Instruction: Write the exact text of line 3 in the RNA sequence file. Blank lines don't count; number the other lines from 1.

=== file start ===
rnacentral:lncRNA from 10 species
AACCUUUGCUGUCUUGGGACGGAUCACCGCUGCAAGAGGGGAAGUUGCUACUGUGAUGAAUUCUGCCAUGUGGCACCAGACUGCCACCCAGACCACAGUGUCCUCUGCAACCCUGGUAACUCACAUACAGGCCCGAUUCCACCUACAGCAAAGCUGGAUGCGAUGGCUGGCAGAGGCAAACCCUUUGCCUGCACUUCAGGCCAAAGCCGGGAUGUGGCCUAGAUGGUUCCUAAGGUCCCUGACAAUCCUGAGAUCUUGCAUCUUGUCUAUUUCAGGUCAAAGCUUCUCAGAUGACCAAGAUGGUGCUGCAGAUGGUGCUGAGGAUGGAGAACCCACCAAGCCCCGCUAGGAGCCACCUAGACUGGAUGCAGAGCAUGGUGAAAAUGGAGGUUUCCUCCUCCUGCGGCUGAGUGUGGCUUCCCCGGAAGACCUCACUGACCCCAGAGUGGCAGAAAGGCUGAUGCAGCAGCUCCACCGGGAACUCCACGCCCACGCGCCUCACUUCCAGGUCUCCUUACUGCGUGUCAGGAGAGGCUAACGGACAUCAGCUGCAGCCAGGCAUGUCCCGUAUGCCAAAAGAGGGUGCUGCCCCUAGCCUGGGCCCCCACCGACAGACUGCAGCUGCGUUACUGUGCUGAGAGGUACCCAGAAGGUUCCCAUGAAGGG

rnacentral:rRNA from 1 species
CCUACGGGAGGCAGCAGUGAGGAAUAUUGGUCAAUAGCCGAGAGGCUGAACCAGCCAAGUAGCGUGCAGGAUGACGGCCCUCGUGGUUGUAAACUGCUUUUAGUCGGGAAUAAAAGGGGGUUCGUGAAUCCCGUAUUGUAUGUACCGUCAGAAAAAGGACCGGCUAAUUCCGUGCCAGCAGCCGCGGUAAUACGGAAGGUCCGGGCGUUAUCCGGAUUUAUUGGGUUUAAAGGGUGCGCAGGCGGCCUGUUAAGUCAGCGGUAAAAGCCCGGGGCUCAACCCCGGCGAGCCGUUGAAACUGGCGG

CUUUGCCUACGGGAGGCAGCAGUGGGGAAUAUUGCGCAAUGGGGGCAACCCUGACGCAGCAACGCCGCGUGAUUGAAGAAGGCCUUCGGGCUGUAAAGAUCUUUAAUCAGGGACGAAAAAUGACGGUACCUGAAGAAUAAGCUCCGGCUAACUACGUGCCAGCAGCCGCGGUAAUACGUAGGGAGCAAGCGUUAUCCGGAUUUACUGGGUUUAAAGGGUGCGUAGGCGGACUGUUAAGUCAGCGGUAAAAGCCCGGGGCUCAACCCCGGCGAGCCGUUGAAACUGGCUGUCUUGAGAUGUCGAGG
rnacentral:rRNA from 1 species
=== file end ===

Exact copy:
rnacentral:rRNA from 1 species